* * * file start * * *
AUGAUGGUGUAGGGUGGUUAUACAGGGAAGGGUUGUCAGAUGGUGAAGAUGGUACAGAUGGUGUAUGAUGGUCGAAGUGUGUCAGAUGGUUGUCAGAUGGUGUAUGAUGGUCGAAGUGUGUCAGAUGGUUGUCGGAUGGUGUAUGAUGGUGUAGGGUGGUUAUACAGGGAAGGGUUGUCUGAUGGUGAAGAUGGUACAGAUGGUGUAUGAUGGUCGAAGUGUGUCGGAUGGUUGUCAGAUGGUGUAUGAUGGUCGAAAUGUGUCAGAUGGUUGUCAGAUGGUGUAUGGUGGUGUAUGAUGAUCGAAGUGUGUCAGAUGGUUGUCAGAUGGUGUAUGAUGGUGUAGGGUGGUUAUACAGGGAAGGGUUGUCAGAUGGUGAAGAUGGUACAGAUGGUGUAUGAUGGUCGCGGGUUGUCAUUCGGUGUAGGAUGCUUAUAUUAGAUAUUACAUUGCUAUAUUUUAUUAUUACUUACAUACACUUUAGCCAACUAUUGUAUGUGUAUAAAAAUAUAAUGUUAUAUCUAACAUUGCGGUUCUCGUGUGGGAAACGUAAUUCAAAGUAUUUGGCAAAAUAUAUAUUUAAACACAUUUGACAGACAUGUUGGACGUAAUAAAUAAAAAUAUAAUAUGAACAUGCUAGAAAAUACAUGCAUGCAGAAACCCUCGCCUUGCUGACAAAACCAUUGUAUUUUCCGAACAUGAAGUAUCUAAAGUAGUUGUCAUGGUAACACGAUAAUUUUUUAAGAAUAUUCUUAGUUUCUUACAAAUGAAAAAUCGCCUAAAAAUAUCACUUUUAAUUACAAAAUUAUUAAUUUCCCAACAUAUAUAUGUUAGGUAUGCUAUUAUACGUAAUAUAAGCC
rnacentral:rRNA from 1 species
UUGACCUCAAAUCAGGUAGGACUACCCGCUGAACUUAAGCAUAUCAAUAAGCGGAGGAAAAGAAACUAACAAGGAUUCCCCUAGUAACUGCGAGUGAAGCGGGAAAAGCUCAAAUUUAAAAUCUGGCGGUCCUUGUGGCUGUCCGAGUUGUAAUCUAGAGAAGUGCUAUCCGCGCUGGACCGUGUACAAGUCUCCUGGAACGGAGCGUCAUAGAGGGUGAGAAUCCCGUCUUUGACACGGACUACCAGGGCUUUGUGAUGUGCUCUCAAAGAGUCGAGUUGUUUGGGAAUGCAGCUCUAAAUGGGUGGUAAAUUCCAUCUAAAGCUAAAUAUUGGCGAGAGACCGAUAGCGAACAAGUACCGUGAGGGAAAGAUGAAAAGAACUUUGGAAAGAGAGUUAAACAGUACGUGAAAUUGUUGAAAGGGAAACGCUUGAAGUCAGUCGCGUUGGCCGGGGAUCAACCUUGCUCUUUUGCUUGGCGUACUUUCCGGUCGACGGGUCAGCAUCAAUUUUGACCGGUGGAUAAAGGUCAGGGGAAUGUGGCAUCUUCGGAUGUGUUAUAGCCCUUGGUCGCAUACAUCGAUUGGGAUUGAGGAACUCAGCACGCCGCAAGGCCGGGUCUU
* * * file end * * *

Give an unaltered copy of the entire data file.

AUGAUGGUGUAGGGUGGUUAUACAGGGAAGGGUUGUCAGAUGGUGAAGAUGGUACAGAUGGUGUAUGAUGGUCGAAGUGUGUCAGAUGGUUGUCAGAUGGUGUAUGAUGGUCGAAGUGUGUCAGAUGGUUGUCGGAUGGUGUAUGAUGGUGUAGGGUGGUUAUACAGGGAAGGGUUGUCUGAUGGUGAAGAUGGUACAGAUGGUGUAUGAUGGUCGAAGUGUGUCGGAUGGUUGUCAGAUGGUGUAUGAUGGUCGAAAUGUGUCAGAUGGUUGUCAGAUGGUGUAUGGUGGUGUAUGAUGAUCGAAGUGUGUCAGAUGGUUGUCAGAUGGUGUAUGAUGGUGUAGGGUGGUUAUACAGGGAAGGGUUGUCAGAUGGUGAAGAUGGUACAGAUGGUGUAUGAUGGUCGCGGGUUGUCAUUCGGUGUAGGAUGCUUAUAUUAGAUAUUACAUUGCUAUAUUUUAUUAUUACUUACAUACACUUUAGCCAACUAUUGUAUGUGUAUAAAAAUAUAAUGUUAUAUCUAACAUUGCGGUUCUCGUGUGGGAAACGUAAUUCAAAGUAUUUGGCAAAAUAUAUAUUUAAACACAUUUGACAGACAUGUUGGACGUAAUAAAUAAAAAUAUAAUAUGAACAUGCUAGAAAAUACAUGCAUGCAGAAACCCUCGCCUUGCUGACAAAACCAUUGUAUUUUCCGAACAUGAAGUAUCUAAAGUAGUUGUCAUGGUAACACGAUAAUUUUUUAAGAAUAUUCUUAGUUUCUUACAAAUGAAAAAUCGCCUAAAAAUAUCACUUUUAAUUACAAAAUUAUUAAUUUCCCAACAUAUAUAUGUUAGGUAUGCUAUUAUACGUAAUAUAAGCC
rnacentral:rRNA from 1 species
UUGACCUCAAAUCAGGUAGGACUACCCGCUGAACUUAAGCAUAUCAAUAAGCGGAGGAAAAGAAACUAACAAGGAUUCCCCUAGUAACUGCGAGUGAAGCGGGAAAAGCUCAAAUUUAAAAUCUGGCGGUCCUUGUGGCUGUCCGAGUUGUAAUCUAGAGAAGUGCUAUCCGCGCUGGACCGUGUACAAGUCUCCUGGAACGGAGCGUCAUAGAGGGUGAGAAUCCCGUCUUUGACACGGACUACCAGGGCUUUGUGAUGUGCUCUCAAAGAGUCGAGUUGUUUGGGAAUGCAGCUCUAAAUGGGUGGUAAAUUCCAUCUAAAGCUAAAUAUUGGCGAGAGACCGAUAGCGAACAAGUACCGUGAGGGAAAGAUGAAAAGAACUUUGGAAAGAGAGUUAAACAGUACGUGAAAUUGUUGAAAGGGAAACGCUUGAAGUCAGUCGCGUUGGCCGGGGAUCAACCUUGCUCUUUUGCUUGGCGUACUUUCCGGUCGACGGGUCAGCAUCAAUUUUGACCGGUGGAUAAAGGUCAGGGGAAUGUGGCAUCUUCGGAUGUGUUAUAGCCCUUGGUCGCAUACAUCGAUUGGGAUUGAGGAACUCAGCACGCCGCAAGGCCGGGUCUU